Dog Bite Injuries
About 4.7 million dog bites occur each year in the United States. More than half of the children bitten by dogs are under the age of 14. Some bites may be much more serious than a little nip and may actually lead to hospitalization or even surgery. This is when you might need a dog bite lawyer.
Who is Responsible for a Dog Bite?
Dog bite injuries are serious and can include permanent scarring, psychological damage, and even death. Liability for these injuries can be significant. Fortunately, most homeowner policies cover injuries inflicted by the homeowner’s dog. In most states under the common law, dogs are allowed “one free bite.” After the first bite, the dog owner is required to take reasonable steps to ensure that his dog does not injure others.
Courts created liability laws for breeds of dogs that are determined “inherently vicious”. In these cases, a dog owner could be held liable for not taking reasonable steps to protect the public from the dog’s bite. Some breeds that meet this criterion include Rottweilers, Pit bulls, Dobermans and the like.
In more recent years, many cities have enacted “leash laws.” Under these ordinances, all dogs “off the leash” are considered “inherently vicious”. If a person is attacked and injured by a dog running free in a leash law jurisdiction, even if the dog never has bitten anyone and is not an inherently vicious breed, the dog owner may still be liable. Many states, including New Jersey, have also passed laws that hold an owner liable if the dog bites someone on the owner’s property (or chased from the owner’s property) if that person had a right to be on the owner’s property (i.e. a guest, homeowner’s kids, a postal worker, etc). New York does not have the same liability stature; however, it currently remains a ‘one-bite’ state (animal does not require the existence of a prior bite). Given the millions of dogs in the United States today, it is clear we are a dog-loving country; however, dogs can and do cause grievous injuries. Dog owners must take responsible precautions to protect members of the public from their pets.
How Can I Protect My Assets?
The average dog-bite liability case is settled for more than $29,000, with costs climbing much higher when the victim requires extensive plastic surgery. You can be liable if your dog has never bitten anyone before; you can be liable even if you don’t own the dog but are simply taking care of it. Dog owners tend to assume that their homeowner’s insurance will cover the costs if they are sued because of a dog bite; however, it’s becoming increasingly common for insurance providers to quietly limit or eliminate the dog bite coverage in their homeowner’s policies. What you should do or keep in mind as a dog-owner:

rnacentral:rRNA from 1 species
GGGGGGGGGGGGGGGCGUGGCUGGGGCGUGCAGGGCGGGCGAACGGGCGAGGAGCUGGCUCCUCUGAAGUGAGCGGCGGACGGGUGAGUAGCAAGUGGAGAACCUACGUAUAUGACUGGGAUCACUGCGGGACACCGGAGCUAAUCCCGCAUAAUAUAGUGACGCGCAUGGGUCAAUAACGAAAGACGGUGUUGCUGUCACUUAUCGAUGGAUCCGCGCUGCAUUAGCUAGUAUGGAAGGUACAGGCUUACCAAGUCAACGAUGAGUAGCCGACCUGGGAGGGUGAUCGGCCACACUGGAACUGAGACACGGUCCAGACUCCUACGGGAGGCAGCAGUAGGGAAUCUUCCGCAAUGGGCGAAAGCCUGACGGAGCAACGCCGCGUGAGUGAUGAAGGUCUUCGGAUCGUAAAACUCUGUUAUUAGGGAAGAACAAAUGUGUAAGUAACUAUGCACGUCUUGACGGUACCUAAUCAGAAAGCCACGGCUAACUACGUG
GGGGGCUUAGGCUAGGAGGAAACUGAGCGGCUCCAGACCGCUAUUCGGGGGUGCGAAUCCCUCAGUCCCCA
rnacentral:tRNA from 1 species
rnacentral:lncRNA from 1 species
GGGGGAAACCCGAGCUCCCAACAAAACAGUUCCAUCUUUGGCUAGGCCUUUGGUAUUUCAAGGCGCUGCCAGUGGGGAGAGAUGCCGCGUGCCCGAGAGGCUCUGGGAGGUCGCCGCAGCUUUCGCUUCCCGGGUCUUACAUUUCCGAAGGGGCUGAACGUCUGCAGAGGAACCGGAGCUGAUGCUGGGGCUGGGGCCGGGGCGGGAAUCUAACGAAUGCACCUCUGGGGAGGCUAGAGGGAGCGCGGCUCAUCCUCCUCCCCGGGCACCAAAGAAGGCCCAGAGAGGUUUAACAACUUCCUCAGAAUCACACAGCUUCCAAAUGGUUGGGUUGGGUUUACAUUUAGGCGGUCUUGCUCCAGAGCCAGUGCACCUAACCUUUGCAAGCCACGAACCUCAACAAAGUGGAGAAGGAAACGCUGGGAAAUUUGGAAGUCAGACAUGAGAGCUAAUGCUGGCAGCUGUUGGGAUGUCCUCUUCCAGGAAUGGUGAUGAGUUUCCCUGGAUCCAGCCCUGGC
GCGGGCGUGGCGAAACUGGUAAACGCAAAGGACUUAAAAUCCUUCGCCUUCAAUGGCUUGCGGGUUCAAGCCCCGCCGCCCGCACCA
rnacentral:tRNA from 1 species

- Make sure your homeowner’s or renter’s insurance policy includes dog-bite coverage
- If your insurer excludes coverage for specific breeds, it’s likely that pit bulls and rottweilers will be on the list. The list of excluded dog breeds typically applies only to purebred dogs.
- Read any “endorsements” mailed to you by your insurance provider. Endorsements are amendments to your insurance policy and could include changes to the policy’s dog-bite coverage. Check the “Declarations” section to make that your insurer hasn’t set your dog-bite liability limits lower than your overall liability limits.
- If your policy does not provide adequate dog-bite coverage, consider purchasing an umbrella policy to supplement it. If you cannot find an umbrella policy, either shop around for a different homeowner’s or renter’s policy or purchase a canine-liability policy to supplement your insurance. This could cost anywhere from $150 to $1,000 per year depending on the breed and size of your dog, its history of aggression etc.
- Here are five ways dog owners can reduce the odds that they will be sued for dog bites:
Instruct dog sitters to keep it away from strangers
Be extremely cautious in the first 60 days after you adopt a dog
Do not tie up your dog
Post a “Beware of Dog” sign
Dog bite injuries can be extremely severe and may lead to brain and head injuries. If you or a loved one has suffered a Brain and Head Injury as a result of a dog bite incident or any other incident, contact us immediately to learn how we can help.
**Source: “Dog Bites: Who Is Responsible?” The Safety Report Summer 2010: 13.